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Dalston Quarter: Hackney Council to consult again after it admits confusing people

PUBLISHED: 12:19 29 November 2017 | UPDATED: 15:13 29 November 2017

Dalston Eastern Curve Garden in Dalston Lane. Picture: Donald Judge/Flickr/Creative Commons licence CC BY 2.0

Dalston Eastern Curve Garden in Dalston Lane. Picture: Donald Judge/Flickr/Creative Commons licence CC BY 2.0

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Hackney Council is set to hold yet another consultation on its proposed “new cultural area” dubbed the Dalston Quarter – after hundreds of people expressed “strong distrust” in its first.

Dalston Eastern Curve Garden. Picture: Alper �ugun/Flickr/Creative Commons (licence CC BY 2.0) Dalston Eastern Curve Garden. Picture: Alper �ugun/Flickr/Creative Commons (licence CC BY 2.0)

Many of the 2,136 respondents also fear the area’s already “distinct” culture could be wiped out if “an excessively commercial approach” is taken to regeneration.

The consultation held in March broached what to do with the council’s historic buildings in Ashwin Street and parts of Dalston Lane - an area including the Dalston Eastern Curve Garden, Arcola Theatre, Bootstrap workspace and Café Oto.

The response was supposed to have shaped the next stage of the project, which the town hall said involved “choosing a developer and launching an architectural design competition”.

But another consultation is now in the pipeline because of the “scale and nature of the feedback”.

The council has conceded many people had “struggled to engage” with the first consultation “in a meaningful way” because of the “technical language and confusion about what sites were included”.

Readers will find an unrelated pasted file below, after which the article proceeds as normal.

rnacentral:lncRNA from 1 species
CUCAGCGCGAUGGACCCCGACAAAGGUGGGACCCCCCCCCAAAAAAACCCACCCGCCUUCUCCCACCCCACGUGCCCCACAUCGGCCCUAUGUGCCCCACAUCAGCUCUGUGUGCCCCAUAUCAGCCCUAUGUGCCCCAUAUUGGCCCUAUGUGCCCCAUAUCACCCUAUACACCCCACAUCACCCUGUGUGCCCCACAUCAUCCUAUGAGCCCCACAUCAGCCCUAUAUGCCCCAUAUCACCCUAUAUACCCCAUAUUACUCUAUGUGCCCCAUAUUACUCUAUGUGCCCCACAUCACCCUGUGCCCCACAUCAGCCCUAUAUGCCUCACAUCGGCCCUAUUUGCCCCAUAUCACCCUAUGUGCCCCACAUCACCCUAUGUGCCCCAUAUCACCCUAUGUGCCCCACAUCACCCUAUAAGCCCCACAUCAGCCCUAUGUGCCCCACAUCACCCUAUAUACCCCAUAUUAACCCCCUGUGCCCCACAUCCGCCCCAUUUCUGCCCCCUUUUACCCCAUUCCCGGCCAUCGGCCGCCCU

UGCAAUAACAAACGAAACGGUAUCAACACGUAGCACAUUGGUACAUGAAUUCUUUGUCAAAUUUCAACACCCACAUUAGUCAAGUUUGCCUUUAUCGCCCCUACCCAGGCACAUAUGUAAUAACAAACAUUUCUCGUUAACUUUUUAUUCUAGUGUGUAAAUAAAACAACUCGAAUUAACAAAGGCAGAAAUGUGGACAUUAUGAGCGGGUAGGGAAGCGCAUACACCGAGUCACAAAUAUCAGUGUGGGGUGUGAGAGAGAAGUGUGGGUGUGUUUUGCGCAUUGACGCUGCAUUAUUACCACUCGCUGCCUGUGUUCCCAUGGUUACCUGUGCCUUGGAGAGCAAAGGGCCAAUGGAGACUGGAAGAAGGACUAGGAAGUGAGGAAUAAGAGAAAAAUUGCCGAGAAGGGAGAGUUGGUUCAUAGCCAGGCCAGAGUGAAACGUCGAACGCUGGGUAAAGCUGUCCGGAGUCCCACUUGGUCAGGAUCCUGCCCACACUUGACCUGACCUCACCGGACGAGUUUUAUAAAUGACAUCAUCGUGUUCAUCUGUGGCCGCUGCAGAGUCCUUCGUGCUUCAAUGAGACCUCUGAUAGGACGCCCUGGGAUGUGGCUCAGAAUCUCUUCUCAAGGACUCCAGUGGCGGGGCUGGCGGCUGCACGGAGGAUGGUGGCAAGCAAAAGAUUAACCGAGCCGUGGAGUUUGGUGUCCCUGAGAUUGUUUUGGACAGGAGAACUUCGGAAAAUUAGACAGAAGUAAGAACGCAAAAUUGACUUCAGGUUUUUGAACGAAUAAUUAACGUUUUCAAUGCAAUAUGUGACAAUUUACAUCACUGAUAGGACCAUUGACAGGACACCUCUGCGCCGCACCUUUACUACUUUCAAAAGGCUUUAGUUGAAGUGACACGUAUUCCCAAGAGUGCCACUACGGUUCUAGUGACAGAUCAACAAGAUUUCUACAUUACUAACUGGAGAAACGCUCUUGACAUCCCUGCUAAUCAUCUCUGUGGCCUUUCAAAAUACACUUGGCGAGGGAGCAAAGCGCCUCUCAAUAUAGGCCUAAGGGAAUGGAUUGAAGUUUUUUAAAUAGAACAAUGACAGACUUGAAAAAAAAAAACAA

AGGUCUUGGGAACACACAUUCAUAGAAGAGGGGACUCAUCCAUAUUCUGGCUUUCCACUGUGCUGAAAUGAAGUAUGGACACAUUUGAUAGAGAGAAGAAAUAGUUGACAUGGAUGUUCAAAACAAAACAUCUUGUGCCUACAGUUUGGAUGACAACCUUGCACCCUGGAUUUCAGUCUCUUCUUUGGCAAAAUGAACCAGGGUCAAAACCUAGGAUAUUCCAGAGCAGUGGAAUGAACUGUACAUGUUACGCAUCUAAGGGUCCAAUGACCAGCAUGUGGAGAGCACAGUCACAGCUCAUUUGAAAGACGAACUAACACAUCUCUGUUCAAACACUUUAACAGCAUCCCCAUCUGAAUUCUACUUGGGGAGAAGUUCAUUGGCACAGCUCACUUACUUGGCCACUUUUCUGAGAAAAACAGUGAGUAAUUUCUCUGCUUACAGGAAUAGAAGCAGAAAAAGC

"Many respondents felt the document was deliberately written to be unclear. [...] A strong distrust in the motives of the council was also put across."

Hackney Council report on the Dalston Quarter consultation

The map didn’t initially include the Curve garden, which when it was subsequently added people realised it could be turned into a thoroughfare.

Hackney Council admitted in a report: “Many respondents felt the document was deliberately written to be unclear, providing misleading information as a Trojan horse to allow for the introduction of commercial development to replace existing organisations.

“Many respondents believed this was a purely commercial exercise for the council to sell off the land for private development. A strong distrust in the motives of the council was also put across.”

Green Party campaigner Dr Alex Armitage is against further council-led redevelopment of the area, saying the Curve Garden’s “highly successful grassroots model of development”, which attracts 150,000 visitors a year, is the way forward.

He said: “We must learn from the failures of the Dalston Square development with its single-occupancy bus station and lengthening list of restaurants that have gone out of business.”

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